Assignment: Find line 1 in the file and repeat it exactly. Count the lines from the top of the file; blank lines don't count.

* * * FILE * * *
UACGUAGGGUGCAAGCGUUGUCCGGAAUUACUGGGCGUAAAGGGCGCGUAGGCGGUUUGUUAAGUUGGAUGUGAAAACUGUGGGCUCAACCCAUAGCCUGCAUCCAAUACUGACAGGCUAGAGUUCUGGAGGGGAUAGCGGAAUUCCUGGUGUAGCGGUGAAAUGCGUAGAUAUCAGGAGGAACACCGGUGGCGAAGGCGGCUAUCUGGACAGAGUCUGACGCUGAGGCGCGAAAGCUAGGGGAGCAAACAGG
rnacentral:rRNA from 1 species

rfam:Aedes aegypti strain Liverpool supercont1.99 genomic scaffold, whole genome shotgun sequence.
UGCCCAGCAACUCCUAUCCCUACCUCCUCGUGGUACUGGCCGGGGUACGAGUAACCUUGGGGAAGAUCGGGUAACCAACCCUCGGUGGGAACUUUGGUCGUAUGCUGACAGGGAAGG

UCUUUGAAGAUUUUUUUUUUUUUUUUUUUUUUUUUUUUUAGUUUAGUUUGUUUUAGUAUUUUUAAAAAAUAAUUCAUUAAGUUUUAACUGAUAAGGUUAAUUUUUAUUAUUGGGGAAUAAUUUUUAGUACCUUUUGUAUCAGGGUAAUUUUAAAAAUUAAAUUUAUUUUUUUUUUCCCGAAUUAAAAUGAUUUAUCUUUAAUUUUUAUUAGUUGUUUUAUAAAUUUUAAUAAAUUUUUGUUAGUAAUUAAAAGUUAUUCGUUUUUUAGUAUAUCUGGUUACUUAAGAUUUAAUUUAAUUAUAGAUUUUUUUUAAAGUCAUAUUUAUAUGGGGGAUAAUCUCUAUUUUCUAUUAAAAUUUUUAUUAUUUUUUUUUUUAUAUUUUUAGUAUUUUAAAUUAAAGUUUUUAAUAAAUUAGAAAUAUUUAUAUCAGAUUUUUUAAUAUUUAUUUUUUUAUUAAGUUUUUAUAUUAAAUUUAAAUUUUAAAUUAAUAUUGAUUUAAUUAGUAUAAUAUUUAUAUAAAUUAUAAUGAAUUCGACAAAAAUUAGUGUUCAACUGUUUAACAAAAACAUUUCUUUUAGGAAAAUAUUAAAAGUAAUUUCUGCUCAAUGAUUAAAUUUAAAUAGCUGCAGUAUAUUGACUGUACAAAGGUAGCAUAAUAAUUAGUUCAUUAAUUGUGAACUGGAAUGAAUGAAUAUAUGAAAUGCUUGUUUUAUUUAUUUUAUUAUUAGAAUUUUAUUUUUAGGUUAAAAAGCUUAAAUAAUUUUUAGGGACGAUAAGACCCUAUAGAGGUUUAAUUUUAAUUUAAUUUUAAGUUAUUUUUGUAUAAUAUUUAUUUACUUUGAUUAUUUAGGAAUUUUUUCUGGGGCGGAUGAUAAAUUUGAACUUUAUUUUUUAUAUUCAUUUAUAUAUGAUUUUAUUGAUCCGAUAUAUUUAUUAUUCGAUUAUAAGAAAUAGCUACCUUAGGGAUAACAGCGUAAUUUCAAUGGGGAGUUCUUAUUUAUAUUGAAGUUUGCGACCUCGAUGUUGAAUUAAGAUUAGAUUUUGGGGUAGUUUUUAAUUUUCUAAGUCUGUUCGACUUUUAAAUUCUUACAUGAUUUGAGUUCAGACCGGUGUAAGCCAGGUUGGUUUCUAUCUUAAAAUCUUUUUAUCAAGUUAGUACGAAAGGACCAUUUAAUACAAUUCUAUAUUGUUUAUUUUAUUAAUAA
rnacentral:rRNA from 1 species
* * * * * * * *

UACGUAGGGUGCAAGCGUUGUCCGGAAUUACUGGGCGUAAAGGGCGCGUAGGCGGUUUGUUAAGUUGGAUGUGAAAACUGUGGGCUCAACCCAUAGCCUGCAUCCAAUACUGACAGGCUAGAGUUCUGGAGGGGAUAGCGGAAUUCCUGGUGUAGCGGUGAAAUGCGUAGAUAUCAGGAGGAACACCGGUGGCGAAGGCGGCUAUCUGGACAGAGUCUGACGCUGAGGCGCGAAAGCUAGGGGAGCAAACAGG